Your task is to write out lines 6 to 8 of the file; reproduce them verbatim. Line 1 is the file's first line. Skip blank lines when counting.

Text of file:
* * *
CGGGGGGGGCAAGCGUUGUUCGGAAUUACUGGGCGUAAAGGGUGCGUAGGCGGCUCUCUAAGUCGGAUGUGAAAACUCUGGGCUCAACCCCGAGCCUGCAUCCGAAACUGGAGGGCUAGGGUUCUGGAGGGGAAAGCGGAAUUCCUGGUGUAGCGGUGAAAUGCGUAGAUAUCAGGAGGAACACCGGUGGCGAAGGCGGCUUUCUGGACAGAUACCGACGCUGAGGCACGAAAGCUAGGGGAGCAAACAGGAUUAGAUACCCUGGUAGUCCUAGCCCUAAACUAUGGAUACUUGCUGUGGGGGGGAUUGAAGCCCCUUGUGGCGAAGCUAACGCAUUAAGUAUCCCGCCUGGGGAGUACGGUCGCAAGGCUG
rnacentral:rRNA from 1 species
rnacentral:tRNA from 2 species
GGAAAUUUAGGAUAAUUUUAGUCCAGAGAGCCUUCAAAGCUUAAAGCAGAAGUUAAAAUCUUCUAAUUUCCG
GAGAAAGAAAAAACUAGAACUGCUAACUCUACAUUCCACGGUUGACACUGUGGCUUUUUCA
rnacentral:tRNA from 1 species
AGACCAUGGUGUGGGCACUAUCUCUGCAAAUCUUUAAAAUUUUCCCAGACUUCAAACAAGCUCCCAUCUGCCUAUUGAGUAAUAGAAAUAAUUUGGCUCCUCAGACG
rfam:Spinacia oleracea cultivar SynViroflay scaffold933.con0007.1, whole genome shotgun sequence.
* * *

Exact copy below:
rnacentral:tRNA from 1 species
AGACCAUGGUGUGGGCACUAUCUCUGCAAAUCUUUAAAAUUUUCCCAGACUUCAAACAAGCUCCCAUCUGCCUAUUGAGUAAUAGAAAUAAUUUGGCUCCUCAGACG
rfam:Spinacia oleracea cultivar SynViroflay scaffold933.con0007.1, whole genome shotgun sequence.